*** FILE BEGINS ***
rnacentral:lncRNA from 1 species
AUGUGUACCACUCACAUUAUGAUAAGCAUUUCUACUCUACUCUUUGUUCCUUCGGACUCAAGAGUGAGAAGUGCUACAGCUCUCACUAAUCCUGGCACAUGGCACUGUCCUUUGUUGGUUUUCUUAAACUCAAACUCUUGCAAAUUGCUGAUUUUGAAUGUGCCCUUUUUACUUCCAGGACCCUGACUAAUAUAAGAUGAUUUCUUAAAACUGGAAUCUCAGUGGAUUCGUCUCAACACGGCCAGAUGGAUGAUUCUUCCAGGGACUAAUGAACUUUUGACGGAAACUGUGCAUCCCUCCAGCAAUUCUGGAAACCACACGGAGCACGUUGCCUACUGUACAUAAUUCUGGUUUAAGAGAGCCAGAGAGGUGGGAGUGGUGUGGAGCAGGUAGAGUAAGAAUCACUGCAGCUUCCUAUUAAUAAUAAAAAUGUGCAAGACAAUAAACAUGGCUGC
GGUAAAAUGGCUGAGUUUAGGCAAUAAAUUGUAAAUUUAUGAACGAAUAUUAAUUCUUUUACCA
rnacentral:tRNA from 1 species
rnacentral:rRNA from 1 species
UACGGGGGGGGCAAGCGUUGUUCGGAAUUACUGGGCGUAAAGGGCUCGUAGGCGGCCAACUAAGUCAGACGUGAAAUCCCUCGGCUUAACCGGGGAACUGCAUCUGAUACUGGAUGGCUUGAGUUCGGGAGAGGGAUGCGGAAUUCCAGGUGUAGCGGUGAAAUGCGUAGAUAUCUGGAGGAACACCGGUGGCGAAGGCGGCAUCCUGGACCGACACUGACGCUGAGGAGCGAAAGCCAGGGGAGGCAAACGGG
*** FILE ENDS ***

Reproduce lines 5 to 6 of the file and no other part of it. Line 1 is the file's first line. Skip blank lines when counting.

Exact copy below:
rnacentral:rRNA from 1 species
UACGGGGGGGGCAAGCGUUGUUCGGAAUUACUGGGCGUAAAGGGCUCGUAGGCGGCCAACUAAGUCAGACGUGAAAUCCCUCGGCUUAACCGGGGAACUGCAUCUGAUACUGGAUGGCUUGAGUUCGGGAGAGGGAUGCGGAAUUCCAGGUGUAGCGGUGAAAUGCGUAGAUAUCUGGAGGAACACCGGUGGCGAAGGCGGCAUCCUGGACCGACACUGACGCUGAGGAGCGAAAGCCAGGGGAGGCAAACGGG